McHugh16 has gone further than Albert et al13 and suggests that the subcortical region subserves functions not only in motor and cognitive functions but also in the control and expression of mood. This researcher suggests that some syndromes arising from subcortical disease represent a subcortical triad of signs and symptoms. This combination of features is most convincingly seen in Huntington’s disease. A difference between this concept and that of Albert et al is that the morbid disturbance of mood, which forms part of the triad, is only intermittently present, whereas the cogni- tive and motor features are persistent. Cummings suggests that the concept of subcortical dementia is applicable to disorders of movement to varying degrees.17 In the case of PD, this author suggests that cognitive impairment takes 3 forms: a form that is relatively mild and may meet the criteria for subcortical dementia, a form that is more severe showing wider impairment of cortical functions but pathologically distinct from AD, and a severe form that shows neuropatho- logical changes in both the subcortical region of the brain and in the cortex, the latter of the type seen in AD.

Interaction of Specific and Age-related Factors

During the past 20 years, a different view of the place of cogni- tive impairment in PD has emerged. Appel proposed a neuro- chemical mechanism for the process of neurodegeneration seen in AD, PD, and motor neurone disease (MND or amyotrophic lateral sclerosis).18 The general theme from this paper that 3 diseases, previously regarded as quite distinct, might be the result of similar processes was taken up by others. Calne et al argued that the same 3 diseases, AD, PD, and MND, are examples of the premature degen- eration of groups of neuronal cells due to an interaction between a specific toxic process and the ageing process.19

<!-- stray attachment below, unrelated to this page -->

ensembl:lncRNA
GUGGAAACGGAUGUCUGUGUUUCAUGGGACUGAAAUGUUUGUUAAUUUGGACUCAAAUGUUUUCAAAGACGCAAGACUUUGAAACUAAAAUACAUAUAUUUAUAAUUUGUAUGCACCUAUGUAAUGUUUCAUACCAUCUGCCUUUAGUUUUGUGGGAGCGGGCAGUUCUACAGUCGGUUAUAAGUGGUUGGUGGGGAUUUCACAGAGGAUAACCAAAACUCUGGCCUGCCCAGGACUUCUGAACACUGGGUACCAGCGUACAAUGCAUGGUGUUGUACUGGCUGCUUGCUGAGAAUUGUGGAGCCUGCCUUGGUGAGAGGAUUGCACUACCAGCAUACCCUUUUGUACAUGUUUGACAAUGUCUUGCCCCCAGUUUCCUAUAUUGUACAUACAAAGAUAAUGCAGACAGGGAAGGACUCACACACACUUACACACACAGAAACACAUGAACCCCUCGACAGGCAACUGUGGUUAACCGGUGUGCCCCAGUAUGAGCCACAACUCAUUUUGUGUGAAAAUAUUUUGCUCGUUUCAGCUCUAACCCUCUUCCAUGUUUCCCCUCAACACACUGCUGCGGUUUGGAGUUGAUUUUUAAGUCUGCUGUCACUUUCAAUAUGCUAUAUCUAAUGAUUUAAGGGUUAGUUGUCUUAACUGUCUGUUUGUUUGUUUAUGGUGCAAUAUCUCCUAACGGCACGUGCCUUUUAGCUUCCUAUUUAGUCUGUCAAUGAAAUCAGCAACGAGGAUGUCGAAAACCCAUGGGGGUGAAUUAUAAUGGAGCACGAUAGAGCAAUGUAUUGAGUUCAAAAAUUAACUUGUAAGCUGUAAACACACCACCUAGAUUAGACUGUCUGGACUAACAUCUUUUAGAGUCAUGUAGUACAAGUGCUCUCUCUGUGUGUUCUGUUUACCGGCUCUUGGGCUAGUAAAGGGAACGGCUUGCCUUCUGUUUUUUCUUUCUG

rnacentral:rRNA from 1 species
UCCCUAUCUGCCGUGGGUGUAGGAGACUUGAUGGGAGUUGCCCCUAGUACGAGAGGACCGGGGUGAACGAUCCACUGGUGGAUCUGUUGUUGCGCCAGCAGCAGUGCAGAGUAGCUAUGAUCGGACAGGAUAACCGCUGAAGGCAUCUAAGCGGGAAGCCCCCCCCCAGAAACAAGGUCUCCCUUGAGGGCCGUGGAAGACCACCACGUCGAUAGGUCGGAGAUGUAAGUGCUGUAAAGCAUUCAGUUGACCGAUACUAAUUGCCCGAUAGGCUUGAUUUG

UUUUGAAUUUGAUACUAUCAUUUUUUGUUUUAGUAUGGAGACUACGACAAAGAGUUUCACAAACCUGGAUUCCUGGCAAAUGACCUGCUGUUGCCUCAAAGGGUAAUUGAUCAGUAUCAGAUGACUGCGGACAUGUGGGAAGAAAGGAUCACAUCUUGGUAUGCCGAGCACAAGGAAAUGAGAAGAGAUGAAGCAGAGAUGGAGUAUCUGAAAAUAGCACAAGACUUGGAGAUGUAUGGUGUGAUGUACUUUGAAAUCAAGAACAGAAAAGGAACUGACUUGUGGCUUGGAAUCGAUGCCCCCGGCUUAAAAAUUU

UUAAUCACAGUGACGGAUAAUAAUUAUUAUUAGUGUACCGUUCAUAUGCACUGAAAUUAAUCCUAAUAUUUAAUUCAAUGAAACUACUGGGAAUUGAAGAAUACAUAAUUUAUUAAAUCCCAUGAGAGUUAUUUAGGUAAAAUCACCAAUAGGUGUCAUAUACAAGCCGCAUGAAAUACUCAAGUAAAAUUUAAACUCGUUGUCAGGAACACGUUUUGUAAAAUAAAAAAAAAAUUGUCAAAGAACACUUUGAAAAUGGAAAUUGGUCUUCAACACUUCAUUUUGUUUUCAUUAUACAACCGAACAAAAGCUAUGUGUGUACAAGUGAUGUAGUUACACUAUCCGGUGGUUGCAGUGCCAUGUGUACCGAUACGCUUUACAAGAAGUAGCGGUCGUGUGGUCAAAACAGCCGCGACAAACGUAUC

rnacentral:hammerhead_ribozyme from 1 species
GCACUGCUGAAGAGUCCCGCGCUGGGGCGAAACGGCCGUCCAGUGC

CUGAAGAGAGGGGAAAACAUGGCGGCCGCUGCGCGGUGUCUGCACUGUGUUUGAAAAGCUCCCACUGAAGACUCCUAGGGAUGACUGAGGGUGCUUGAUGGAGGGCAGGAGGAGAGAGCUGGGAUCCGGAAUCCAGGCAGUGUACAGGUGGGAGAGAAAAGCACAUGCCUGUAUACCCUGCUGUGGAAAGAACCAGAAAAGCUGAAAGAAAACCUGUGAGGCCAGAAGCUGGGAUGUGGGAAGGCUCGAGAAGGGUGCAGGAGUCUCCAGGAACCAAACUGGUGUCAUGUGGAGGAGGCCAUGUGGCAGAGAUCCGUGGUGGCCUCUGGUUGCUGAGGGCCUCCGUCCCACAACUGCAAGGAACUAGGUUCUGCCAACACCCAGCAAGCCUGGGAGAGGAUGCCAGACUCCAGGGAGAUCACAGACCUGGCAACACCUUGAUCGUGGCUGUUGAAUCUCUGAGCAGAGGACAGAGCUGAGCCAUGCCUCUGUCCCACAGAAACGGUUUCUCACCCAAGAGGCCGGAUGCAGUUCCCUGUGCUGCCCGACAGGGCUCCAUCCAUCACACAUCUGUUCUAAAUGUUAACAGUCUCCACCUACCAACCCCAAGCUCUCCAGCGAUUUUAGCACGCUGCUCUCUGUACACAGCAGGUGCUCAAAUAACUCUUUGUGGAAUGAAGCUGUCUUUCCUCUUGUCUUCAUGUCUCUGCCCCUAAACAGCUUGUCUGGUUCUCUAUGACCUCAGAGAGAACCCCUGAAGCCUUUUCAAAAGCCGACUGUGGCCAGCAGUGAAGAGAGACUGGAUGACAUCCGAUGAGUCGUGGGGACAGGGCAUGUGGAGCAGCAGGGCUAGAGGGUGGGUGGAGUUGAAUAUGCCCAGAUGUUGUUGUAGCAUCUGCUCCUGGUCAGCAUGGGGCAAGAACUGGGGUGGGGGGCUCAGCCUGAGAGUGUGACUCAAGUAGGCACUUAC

The loss of neuronal cells associated with ageing is envis- aged to be the common factor in the 3 diseases. A review of epidemiological, clinical, and genetic data led to the suggestion that similar factors from each of these realms are acting in the 3 conditions.20 More recently, Calne has drawn attention to the fact that cell loss in PD affects many of the same sites in the brain as those that show cell degeneration in normal ageing.21 Indeed, in great old age, changes in appearance and function may include some of the changes seen in disorders of movement, namely a stooping posture, shuffling gait, difficulty in turning, unsteadiness, slowness, and loss of facial expression. Whereas the effects of normal ageing do not produce clinically recognised symptoms, in AD, PD, and MND, combined effects produce clinically declared syndromes.

These ideas raise several issues. Firstly, as each of these degenerative conditions progresses they become more alike in their manifestations. There is ample clinical evidence of this as both motor and cognitive changes are seen in PD, AD is frequently accompanied by parkinsonism in its later stages, and dementia is described in a minority of patients with MND. The amyotrophic lateral sclerosis parkinsonism dementia syndrome seen in Guam is an extreme example of the coincidence of the features of these 3 disorders. Secondly, the diagnosis of PD has become increasingly difficult as specific causes of types of parkinsonism have been identi- fied. A relationship to other neurodegenerative disorders, previously regarded as distinct, may be one of the sources of diagnostic difficulty. Thirdly, the 3 examples cited are all of unknown aetiology, making separation on aetiological grounds impossible. Fourthly, the presence of a specific cause of cell loss may bring forward, in time, cell loss associated with the ageing process. In this respect, there may be a parallel with the AD type of dementia seen in patients with Down’s syndrome, where the cognitive decline occurs earlier than would be expected in people of the same age who do not have Down’s syndrome. Finally, the neuropathological changes observed in neurodegenerative disease may not be a good guide to the aetiology of the conditions concerned as they may be non-specific remnants of pathological processes for which many causes may be responsible.

How might these findings be interpreted in the light of these different hypotheses?

An Intercurrent Disease?